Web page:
By: Emily Churchill, Community Development Fellow
It’s been almost a month since I returned to Ecuador after a year away. Last summer, I interned in the southern city of Cuenca for two months over which time Ecuador earned a big place in my heart. As I reflect on my first month with Manna Projects Ecuador, I thought I’d share some of my favorite Ecuadorian things, both new and familiar, that make this place so special.
There’s a farmer’s market just a block away from Manna’s centro in downtown Sangolquí where you can pretty much buy any fruit or vegetable imaginable, plus some varieties that you’ve never heard of. Ecuador is home to some unique fruits including ‘tomate de arbol’ (which literally translates to ‘tree tomato’) and ‘taxo’ (which is a blend between bananas and passion fruit). I can leave the market with two full bags of produce for around $3. I also always buy from the same women and this week she recognized me and gave me a free orange! (side note - it was a little moldy, but hey, maybe next week it will be a not-moldy orange!)
Manna’s Ecuador site just happens to be at the foothills of one of the world’s highest and most active volcanoes. At just over 19,000ft, the summit of Cotopaxi towers over the town of Sangolquí. On a clear day, the rooftop patio of the Manna house offers a nearly perfect view of its snow-capped peaks. I am in constant awe of this mountain and stop several times a day to admire it. And although the prospect of its eruption is quite daunting (it has erupted 50 times since 1738!), I feel humbled by its magnificent presence. It’s our goal to summit Cotopaxi by the end of the year. We’re just hoping that the daily hike up the small hill outside our center is enough training!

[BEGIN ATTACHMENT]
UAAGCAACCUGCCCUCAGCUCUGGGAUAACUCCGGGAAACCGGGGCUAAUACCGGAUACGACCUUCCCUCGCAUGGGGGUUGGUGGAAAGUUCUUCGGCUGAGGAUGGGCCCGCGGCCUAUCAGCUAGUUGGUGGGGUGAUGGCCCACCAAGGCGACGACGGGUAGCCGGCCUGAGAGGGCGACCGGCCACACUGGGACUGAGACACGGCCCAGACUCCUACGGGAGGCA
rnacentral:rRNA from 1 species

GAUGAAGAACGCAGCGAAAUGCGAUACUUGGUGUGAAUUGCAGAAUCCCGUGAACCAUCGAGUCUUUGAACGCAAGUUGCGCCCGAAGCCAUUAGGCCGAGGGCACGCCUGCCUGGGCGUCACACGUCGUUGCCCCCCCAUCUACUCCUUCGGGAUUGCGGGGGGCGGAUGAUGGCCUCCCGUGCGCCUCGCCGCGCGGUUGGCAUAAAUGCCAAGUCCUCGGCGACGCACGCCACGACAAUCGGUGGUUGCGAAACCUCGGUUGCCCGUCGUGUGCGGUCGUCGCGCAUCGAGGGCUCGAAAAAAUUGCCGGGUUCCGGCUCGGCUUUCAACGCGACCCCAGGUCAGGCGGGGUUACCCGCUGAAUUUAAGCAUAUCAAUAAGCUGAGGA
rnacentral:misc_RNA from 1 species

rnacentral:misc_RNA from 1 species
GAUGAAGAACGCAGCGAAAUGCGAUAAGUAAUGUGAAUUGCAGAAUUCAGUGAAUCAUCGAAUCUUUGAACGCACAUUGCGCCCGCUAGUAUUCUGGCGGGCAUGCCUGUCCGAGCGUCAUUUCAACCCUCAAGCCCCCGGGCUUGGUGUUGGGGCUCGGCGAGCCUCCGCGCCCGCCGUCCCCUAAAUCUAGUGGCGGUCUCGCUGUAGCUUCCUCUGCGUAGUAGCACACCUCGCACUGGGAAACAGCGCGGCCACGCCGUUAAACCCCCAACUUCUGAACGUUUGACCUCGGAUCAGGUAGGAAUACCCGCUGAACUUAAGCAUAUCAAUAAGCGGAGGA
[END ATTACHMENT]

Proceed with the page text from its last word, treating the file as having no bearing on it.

3. My roommates
I just happen to live with some awesome women who inspire me to be a better version of myself everyday. They are some of the most capable, hardworking, and passionate people I’ve ever met and I could not be more excited to work with them this year to accomplish all of our ambitious goals. We just enjoyed a weekend at Cotopaxi National Park that was full of great hikes, yummy food, and lots of laughs. I have so much to learn from them and feel so grateful that our paths have crossed through Manna.
4. Public transportation
Some Ecuadorians might call me crazy for praising the country’s public transit system, but in comparison to the U.S., Ecuador is an incredibly well connected country. In just thirty short minutes, I can hop on any virtually any bus that passes through our neighborhood and arrive in the center of Quito, the nation’s capital. Beyond that, buses that connect the towns in the valley of Los Chillos are frequent and plentiful, and fare costs just around $.30 a trip. Of course, there are always improvements that can be made to improve access and sustainability, but new investments are being made all the time to further connect Ecuador’s more remote towns to its larger cities.
5. Random acts of kindness
Ecuadorians are some of the warmest and most generous people around. Whether it’s an offer from one of our Adult Conversation Club participants to take us on a hike, or a free ice cream cone from the mom of one of my guitar students, people are always willing to go out of their way to make your day just a little brighter. Just like many other cultures, what you get out relies a lot on what you put in. But I guarantee that if you show kindness and gratitude to Ecuadorians, they will pay it back tenfold.
That’s just a short list of some things that make me happy to be back in Ecuador. Here’s to eleven more months in this amazing country!